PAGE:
That's a huge problem right now: Many Brits, who feel regret, cannot voice it. On the other hand politicians in the EU have a hard time to not express their content about GB leaving on their own volition, because they had been blocking too much. As a problem within the EU the loss of balance is seen by some countries, fearing Germany and France could becoming too powerful now.

"...after an emergency meeting of ministers from the bloc’s six founder members, Germany’s foreign minister, Frank-Walter Steinmeier, said negotiations should begin “as soon as possible” and that Britain had a responsibility to work with the EU on exit terms.

His French counterpart, Jean-Marc Ayrault, suggested that unless the UK acted fast, the sense of crisis could spread. He said there was “a certain urgency … so that we don’t have a period of uncertainty, with financial consequences, political consequences”. The president of the European commission, Jean-Claude Juncker, reinforced the message, saying the split with the UK was “not an amicable divorce” after what was not “a tight love affair, anyway”. Talks to end membership should begin immediately. (guardian)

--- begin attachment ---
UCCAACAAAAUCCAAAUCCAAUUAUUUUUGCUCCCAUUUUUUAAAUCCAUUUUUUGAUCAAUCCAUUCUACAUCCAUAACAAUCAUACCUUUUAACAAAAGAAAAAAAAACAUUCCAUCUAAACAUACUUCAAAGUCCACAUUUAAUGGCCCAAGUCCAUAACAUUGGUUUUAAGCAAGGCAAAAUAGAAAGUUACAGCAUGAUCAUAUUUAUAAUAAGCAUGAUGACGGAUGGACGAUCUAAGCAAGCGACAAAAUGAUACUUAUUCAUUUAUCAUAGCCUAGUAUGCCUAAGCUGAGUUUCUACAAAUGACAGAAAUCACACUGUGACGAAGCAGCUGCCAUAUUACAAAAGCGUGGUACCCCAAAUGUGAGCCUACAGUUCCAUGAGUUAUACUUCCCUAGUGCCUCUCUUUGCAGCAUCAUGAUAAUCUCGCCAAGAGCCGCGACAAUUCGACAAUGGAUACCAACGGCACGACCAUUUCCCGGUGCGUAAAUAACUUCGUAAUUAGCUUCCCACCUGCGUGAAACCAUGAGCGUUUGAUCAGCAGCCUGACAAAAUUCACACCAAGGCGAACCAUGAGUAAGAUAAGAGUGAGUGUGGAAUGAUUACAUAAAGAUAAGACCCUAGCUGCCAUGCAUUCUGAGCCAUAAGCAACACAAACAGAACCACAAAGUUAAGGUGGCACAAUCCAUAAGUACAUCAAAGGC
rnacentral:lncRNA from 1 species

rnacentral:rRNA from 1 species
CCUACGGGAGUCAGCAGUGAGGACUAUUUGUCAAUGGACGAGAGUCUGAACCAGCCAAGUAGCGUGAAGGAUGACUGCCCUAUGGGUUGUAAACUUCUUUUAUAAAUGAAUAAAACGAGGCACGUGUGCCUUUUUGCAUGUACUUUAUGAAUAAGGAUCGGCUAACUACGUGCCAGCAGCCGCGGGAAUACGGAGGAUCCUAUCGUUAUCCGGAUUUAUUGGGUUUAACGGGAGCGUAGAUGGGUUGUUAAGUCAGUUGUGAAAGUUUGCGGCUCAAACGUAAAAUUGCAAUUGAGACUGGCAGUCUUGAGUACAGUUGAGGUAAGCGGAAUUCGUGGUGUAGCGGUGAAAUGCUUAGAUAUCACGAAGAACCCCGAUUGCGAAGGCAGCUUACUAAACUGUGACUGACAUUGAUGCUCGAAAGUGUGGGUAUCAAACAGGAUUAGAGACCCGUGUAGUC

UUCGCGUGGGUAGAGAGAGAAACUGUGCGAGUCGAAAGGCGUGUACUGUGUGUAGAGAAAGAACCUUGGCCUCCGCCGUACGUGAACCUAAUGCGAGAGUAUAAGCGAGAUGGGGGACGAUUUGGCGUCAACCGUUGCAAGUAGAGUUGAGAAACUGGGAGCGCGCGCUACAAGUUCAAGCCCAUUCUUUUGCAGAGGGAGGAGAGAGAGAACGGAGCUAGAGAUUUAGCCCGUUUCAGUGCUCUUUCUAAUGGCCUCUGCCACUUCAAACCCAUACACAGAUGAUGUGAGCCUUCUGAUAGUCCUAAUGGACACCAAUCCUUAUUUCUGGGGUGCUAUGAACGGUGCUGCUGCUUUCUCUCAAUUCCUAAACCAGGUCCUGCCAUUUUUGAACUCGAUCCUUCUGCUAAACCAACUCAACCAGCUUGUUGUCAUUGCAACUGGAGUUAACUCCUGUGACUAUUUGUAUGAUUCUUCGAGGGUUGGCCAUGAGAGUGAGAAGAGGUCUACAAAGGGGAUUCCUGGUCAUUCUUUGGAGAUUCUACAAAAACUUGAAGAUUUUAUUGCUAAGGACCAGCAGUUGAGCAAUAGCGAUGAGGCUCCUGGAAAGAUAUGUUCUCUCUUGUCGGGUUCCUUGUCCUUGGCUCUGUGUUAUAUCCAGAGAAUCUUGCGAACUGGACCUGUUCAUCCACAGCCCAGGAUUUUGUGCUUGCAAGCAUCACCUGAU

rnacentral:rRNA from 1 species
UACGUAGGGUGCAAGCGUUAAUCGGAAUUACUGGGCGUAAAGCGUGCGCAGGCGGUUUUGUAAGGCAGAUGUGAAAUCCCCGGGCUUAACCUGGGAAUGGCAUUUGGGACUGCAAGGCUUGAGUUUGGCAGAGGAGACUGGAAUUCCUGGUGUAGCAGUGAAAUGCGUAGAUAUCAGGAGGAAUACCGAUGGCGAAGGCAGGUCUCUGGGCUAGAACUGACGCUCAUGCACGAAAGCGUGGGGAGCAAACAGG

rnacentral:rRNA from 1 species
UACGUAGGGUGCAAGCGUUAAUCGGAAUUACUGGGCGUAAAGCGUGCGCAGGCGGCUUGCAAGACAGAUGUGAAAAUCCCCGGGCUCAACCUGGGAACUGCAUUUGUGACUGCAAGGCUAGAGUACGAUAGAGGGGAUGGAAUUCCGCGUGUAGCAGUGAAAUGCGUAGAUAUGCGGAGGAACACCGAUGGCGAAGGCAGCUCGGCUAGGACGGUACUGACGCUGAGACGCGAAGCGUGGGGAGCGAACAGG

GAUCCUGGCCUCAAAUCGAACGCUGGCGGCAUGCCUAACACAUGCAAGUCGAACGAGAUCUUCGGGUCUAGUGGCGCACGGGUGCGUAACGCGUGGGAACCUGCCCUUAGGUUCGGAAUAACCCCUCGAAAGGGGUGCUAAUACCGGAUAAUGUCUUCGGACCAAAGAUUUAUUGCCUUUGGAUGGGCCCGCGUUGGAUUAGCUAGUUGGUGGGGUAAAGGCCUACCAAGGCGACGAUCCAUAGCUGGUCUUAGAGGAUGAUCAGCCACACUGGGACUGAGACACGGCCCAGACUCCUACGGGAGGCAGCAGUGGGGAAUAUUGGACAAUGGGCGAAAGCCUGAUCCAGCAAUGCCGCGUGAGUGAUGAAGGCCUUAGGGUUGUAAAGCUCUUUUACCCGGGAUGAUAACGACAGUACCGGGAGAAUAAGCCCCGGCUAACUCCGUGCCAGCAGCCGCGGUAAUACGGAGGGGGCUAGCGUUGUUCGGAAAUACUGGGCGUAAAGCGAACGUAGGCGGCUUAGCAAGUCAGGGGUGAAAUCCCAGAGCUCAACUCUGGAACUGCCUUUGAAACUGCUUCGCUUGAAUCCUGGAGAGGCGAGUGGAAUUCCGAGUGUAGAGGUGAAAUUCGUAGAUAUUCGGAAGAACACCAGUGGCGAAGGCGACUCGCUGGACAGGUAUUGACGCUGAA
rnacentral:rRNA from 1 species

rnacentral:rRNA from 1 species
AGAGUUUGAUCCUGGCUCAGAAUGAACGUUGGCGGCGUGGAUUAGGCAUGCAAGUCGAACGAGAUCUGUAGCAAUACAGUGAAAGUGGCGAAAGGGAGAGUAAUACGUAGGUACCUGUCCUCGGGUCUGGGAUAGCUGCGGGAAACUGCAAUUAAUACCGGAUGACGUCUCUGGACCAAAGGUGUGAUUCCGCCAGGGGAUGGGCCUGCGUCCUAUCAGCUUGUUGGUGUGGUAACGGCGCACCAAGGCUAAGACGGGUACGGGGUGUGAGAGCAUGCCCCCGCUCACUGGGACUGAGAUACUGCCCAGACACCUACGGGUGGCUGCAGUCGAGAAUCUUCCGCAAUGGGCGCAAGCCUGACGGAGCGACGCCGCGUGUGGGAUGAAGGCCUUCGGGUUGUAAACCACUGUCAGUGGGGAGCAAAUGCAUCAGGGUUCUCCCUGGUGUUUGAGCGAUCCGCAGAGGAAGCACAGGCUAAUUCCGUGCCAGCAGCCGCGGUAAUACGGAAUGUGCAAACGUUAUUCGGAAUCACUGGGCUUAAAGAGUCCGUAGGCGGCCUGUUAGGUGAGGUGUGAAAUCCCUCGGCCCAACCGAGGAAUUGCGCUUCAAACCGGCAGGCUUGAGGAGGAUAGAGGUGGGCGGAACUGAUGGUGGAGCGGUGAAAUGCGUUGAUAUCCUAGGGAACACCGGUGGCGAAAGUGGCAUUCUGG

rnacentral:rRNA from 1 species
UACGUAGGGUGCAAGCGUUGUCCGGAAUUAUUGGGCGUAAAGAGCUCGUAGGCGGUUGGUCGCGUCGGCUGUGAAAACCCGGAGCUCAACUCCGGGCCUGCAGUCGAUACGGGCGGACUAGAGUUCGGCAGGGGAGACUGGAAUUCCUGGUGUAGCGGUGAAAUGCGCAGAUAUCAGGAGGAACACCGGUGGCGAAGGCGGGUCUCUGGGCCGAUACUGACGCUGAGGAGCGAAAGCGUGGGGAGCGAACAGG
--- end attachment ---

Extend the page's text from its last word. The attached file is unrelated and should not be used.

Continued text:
The Washington Post also mocks the referendum and the #BREGRET:

"The whole world is reeling after a milestone referendum in Britain to leave the European Union. And although leaders of the campaign to exit Europe are crowing over their victory, it seems many Britons may not even know what they had actually voted for. "Even though I voted to leave, this morning I woke up and I just — the reality did actually hit me," one woman told the news channel ITV News. "If I'd had the opportunity to vote again, it would be to stay." That confusion over what Brexit might mean for the country's economy appears to have been reflected across the United Kingdom on Thursday. Google reported sharp upticks in searches not only related to the ballot measure but also about basic questions concerning the implications of the vote. At about 1 a.m. Eastern time, about eight hours after the polls closed, Google reported that searches for "what happens if we leave the EU" had more than tripled.